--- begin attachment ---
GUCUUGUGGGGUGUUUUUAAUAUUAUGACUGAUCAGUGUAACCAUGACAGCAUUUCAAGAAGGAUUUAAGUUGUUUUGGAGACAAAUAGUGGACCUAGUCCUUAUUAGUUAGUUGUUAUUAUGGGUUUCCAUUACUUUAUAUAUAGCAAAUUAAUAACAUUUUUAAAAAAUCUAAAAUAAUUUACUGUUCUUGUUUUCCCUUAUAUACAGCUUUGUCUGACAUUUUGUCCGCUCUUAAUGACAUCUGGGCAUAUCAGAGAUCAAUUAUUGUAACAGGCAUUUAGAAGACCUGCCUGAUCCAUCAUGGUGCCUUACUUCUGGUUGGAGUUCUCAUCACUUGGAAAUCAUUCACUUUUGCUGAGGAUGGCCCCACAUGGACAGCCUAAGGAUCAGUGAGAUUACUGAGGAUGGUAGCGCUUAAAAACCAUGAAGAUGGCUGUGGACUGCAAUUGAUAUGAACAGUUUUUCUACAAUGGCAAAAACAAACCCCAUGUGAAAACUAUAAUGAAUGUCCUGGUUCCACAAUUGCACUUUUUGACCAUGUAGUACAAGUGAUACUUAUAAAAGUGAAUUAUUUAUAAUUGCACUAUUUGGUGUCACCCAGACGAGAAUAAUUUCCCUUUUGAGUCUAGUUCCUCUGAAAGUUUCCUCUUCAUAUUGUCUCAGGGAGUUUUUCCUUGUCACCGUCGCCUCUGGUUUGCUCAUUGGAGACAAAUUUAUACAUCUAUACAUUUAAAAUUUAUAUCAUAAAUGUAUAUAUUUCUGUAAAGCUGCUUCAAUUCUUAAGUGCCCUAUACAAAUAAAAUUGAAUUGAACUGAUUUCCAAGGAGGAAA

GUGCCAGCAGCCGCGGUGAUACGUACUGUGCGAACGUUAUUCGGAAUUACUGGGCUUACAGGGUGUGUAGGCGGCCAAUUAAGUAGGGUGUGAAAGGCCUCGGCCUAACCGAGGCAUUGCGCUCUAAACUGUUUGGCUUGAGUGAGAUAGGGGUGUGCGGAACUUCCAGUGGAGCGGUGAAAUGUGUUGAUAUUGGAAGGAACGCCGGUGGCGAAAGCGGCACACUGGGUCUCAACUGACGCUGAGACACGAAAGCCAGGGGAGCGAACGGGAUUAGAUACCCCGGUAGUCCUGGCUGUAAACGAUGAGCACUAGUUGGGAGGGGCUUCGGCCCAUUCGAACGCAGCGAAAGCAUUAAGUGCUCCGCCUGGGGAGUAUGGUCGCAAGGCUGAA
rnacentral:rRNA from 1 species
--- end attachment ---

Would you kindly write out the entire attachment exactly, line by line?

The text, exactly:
GUCUUGUGGGGUGUUUUUAAUAUUAUGACUGAUCAGUGUAACCAUGACAGCAUUUCAAGAAGGAUUUAAGUUGUUUUGGAGACAAAUAGUGGACCUAGUCCUUAUUAGUUAGUUGUUAUUAUGGGUUUCCAUUACUUUAUAUAUAGCAAAUUAAUAACAUUUUUAAAAAAUCUAAAAUAAUUUACUGUUCUUGUUUUCCCUUAUAUACAGCUUUGUCUGACAUUUUGUCCGCUCUUAAUGACAUCUGGGCAUAUCAGAGAUCAAUUAUUGUAACAGGCAUUUAGAAGACCUGCCUGAUCCAUCAUGGUGCCUUACUUCUGGUUGGAGUUCUCAUCACUUGGAAAUCAUUCACUUUUGCUGAGGAUGGCCCCACAUGGACAGCCUAAGGAUCAGUGAGAUUACUGAGGAUGGUAGCGCUUAAAAACCAUGAAGAUGGCUGUGGACUGCAAUUGAUAUGAACAGUUUUUCUACAAUGGCAAAAACAAACCCCAUGUGAAAACUAUAAUGAAUGUCCUGGUUCCACAAUUGCACUUUUUGACCAUGUAGUACAAGUGAUACUUAUAAAAGUGAAUUAUUUAUAAUUGCACUAUUUGGUGUCACCCAGACGAGAAUAAUUUCCCUUUUGAGUCUAGUUCCUCUGAAAGUUUCCUCUUCAUAUUGUCUCAGGGAGUUUUUCCUUGUCACCGUCGCCUCUGGUUUGCUCAUUGGAGACAAAUUUAUACAUCUAUACAUUUAAAAUUUAUAUCAUAAAUGUAUAUAUUUCUGUAAAGCUGCUUCAAUUCUUAAGUGCCCUAUACAAAUAAAAUUGAAUUGAACUGAUUUCCAAGGAGGAAA

GUGCCAGCAGCCGCGGUGAUACGUACUGUGCGAACGUUAUUCGGAAUUACUGGGCUUACAGGGUGUGUAGGCGGCCAAUUAAGUAGGGUGUGAAAGGCCUCGGCCUAACCGAGGCAUUGCGCUCUAAACUGUUUGGCUUGAGUGAGAUAGGGGUGUGCGGAACUUCCAGUGGAGCGGUGAAAUGUGUUGAUAUUGGAAGGAACGCCGGUGGCGAAAGCGGCACACUGGGUCUCAACUGACGCUGAGACACGAAAGCCAGGGGAGCGAACGGGAUUAGAUACCCCGGUAGUCCUGGCUGUAAACGAUGAGCACUAGUUGGGAGGGGCUUCGGCCCAUUCGAACGCAGCGAAAGCAUUAAGUGCUCCGCCUGGGGAGUAUGGUCGCAAGGCUGAA
rnacentral:rRNA from 1 species